If you’ve begun missing car payments then chances are a repo person will be dispatched to show up for your car pretty soon. Technically the creditor has the right to do this if you miss even a single car payment. In reality, they often wait until you are about three payments behind.
Usually you know it’s coming. You get a Notice of Default in the mail. Don’t be embarrassed: it can happen to just about anyone.
But it’s important to know what the repo person can or can’t do.
They can’t damage your property.
The repo person can take your car from just about any location, but he or she has to do it in a peaceful manner. That means they can’t just break into your locked garage to take the car.
They can’t threaten you.
They’re not allowed to claim they’re going to send you to jail (they can’t). They’re definitely not allowed to make threats of physical violence.
They can’t take other pieces of property.
They cannot, for example, steal your RV because they can’t get to your car. Or walk in and order you to give up your furniture. Or walk into your home and grab your computer.
Keep in mind a future lawsuit could mean losing some assets to your creditors. They can attach to things like your tax return, and in some cases they gain the right to reach right into your bank account.
They can report the defaulted loan to the DMV and your insurance company.
They do this to make it harder for you to get insurance and license plates. After all, as far as the creditor and their repo person are concerned, you’re driving around in the bank’s car, not your own.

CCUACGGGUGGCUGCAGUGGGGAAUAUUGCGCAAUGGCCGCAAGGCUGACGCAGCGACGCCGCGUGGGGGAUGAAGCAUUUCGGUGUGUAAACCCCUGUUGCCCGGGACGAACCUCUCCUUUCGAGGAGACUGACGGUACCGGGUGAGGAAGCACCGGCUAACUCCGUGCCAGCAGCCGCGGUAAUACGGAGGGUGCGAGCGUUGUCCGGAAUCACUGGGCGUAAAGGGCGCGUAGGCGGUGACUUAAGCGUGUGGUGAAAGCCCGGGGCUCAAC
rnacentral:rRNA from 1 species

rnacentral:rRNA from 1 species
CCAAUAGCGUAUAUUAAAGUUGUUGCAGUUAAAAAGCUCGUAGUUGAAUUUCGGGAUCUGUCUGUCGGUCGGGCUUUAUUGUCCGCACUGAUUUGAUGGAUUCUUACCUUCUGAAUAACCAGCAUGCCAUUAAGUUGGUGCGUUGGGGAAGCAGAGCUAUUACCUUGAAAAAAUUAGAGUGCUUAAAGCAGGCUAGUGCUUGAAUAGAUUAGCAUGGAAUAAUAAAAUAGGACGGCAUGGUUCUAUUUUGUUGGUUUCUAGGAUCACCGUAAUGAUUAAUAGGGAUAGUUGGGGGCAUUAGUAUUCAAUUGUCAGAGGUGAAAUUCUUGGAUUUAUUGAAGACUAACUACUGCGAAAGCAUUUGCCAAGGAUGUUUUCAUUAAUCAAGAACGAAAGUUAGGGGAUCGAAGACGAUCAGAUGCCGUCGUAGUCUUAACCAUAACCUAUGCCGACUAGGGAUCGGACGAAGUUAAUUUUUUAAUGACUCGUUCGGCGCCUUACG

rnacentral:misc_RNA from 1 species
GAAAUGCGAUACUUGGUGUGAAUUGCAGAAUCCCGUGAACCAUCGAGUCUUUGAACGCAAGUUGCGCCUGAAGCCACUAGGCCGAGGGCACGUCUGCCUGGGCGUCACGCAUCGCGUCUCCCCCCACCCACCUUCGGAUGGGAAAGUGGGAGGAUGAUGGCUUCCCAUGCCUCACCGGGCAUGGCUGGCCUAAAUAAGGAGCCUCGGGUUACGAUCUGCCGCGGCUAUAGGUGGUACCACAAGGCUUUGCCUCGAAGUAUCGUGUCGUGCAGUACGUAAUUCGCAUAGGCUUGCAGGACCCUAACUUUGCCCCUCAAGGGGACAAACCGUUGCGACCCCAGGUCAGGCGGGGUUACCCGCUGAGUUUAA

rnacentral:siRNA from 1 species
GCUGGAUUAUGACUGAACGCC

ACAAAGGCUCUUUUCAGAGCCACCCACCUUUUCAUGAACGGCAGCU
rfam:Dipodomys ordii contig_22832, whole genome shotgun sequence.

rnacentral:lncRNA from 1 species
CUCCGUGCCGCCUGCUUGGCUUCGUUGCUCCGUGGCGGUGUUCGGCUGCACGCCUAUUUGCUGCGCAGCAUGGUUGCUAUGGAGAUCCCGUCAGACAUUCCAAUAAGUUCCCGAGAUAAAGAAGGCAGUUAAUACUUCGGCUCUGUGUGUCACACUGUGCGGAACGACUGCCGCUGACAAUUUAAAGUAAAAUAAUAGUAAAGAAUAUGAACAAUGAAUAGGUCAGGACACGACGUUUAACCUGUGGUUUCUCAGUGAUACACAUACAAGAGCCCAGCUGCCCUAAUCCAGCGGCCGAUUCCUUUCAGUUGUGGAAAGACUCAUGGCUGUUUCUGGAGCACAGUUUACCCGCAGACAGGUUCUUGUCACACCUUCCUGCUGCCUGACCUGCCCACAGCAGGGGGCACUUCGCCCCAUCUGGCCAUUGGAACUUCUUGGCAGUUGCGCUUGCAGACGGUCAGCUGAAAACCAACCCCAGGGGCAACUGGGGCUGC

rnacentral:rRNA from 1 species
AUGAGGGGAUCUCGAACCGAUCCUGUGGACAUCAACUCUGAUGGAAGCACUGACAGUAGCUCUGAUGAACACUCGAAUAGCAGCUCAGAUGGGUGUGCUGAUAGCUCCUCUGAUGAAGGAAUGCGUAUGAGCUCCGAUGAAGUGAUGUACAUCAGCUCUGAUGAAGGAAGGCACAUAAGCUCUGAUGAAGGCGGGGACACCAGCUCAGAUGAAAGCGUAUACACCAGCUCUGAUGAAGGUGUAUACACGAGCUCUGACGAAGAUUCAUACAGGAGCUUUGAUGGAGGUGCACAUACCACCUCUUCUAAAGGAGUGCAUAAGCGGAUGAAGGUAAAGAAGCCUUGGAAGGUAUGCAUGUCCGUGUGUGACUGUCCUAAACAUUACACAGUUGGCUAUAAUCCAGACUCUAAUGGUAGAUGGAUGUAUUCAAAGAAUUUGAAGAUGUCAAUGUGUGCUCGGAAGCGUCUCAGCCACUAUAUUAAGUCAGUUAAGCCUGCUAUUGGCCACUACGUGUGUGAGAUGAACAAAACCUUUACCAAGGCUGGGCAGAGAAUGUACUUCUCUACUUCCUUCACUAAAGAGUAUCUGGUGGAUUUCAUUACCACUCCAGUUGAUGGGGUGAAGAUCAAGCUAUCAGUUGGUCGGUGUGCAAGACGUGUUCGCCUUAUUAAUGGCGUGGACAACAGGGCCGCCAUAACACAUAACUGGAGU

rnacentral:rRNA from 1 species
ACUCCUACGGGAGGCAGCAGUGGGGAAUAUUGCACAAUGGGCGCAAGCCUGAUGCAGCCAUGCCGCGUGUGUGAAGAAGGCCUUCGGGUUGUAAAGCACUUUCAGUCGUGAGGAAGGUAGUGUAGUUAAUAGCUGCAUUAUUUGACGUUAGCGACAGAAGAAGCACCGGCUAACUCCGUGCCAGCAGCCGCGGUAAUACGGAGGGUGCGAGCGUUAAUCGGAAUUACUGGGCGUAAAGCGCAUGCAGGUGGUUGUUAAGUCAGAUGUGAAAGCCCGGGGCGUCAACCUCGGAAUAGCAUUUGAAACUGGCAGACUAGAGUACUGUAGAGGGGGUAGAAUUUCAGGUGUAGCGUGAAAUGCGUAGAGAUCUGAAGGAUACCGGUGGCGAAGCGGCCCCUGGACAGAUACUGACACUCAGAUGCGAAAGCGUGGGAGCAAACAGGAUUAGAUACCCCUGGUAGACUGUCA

You don’t need to hide the vehicle.
And you shouldn’t. Because first off, the repo person can’t take your car if you calmly explain he or she cannot come onto your property and may not take the car. And second of all, you can be charged with fraud, which is a criminal charge.
Note, all this does is buy you some time. At this point you need to be thinking seriously about filing for bankruptcy. Bankruptcy will put a stop to the repossession.
See also: What is an Emergency Bankruptcy?
But if you don’t, your creditor can then take you to court, where a judge will then order you to give up the car. And then there won’t be anything you can do about it without being in contempt of court.
The second reason you don’t want to hide the vehicle is this: as long as you’re making the repo person play hide-and-seek without just saying, “You may not take the car,” the more money he or she is charging the finance company. The finance company is going to turn around and pass all those costs on to you.
If you end up going to court to receive a judgement that says you have to give up the car, you’ll end up paying those court costs, too.
And you certainly shouldn’t attack the repo guy.
If the repossession professional uses force or threats, you can sue.
You will need to document the event, take pictures of any damaged property, and gather the names and numbers of witnesses.
If your suit is successful, your damages could amount to 10% of the loan’s principal, plus finance charges. Sometimes, the judge will rule that the creditor may no longer attempt to repossess the car.
What if you just let the repo guy take the car?
That’s not very helpful either. If you lose your car and your means of getting to work, you don’t even get out of your debt. Instead, the creditor will sell your car at auction (you must get written notice of where and when it happens).
The bank will then take the difference between what the car sold for and what you owe. The result is your “deficiency balance,” and they can sue you for that amount.
If you’re in danger of repossession, consider filing for bankruptcy.
Don’t just give up the car, either.
If you want to keep your car, stop creditors in their tracks, and end up with a clean slate, bankruptcy is the way to go. And when you receive your discharge you won’t owe anything else on the car, nor will the bank be able to contact you about it ever again.